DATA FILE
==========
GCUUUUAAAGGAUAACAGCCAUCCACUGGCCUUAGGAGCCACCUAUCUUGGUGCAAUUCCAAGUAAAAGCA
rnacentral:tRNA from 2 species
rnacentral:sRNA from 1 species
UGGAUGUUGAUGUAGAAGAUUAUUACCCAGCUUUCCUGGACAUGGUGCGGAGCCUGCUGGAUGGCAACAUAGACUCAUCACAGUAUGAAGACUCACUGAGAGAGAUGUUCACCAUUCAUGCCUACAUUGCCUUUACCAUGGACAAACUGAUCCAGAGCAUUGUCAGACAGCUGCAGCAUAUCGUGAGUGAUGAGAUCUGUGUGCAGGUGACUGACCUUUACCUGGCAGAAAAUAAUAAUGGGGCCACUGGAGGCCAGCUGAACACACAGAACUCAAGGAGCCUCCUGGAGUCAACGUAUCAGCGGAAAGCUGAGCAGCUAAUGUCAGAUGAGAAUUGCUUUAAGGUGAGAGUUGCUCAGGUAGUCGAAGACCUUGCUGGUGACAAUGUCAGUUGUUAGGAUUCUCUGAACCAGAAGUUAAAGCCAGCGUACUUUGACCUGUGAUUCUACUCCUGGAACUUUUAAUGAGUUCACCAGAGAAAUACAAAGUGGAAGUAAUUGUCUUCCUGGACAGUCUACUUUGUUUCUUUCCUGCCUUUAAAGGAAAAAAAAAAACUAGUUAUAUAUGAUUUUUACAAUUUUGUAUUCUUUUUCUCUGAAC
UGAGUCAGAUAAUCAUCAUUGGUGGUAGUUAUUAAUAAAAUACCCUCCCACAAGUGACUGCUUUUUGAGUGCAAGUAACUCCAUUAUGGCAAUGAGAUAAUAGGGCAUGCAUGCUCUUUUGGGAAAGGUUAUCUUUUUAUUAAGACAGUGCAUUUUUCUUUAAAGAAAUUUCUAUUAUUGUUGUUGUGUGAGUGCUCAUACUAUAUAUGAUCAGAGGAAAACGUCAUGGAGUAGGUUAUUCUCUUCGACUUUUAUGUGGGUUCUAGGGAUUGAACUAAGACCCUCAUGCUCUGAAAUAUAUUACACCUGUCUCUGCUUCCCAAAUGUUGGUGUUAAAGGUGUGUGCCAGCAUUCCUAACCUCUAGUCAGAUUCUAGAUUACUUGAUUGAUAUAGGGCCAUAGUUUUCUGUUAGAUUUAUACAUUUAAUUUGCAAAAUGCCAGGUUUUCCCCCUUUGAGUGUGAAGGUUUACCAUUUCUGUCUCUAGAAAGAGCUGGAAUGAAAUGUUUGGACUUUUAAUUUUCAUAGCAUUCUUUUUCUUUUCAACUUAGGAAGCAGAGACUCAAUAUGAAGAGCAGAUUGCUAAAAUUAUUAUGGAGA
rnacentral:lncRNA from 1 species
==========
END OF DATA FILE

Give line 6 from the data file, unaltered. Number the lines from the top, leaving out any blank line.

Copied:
rnacentral:lncRNA from 1 species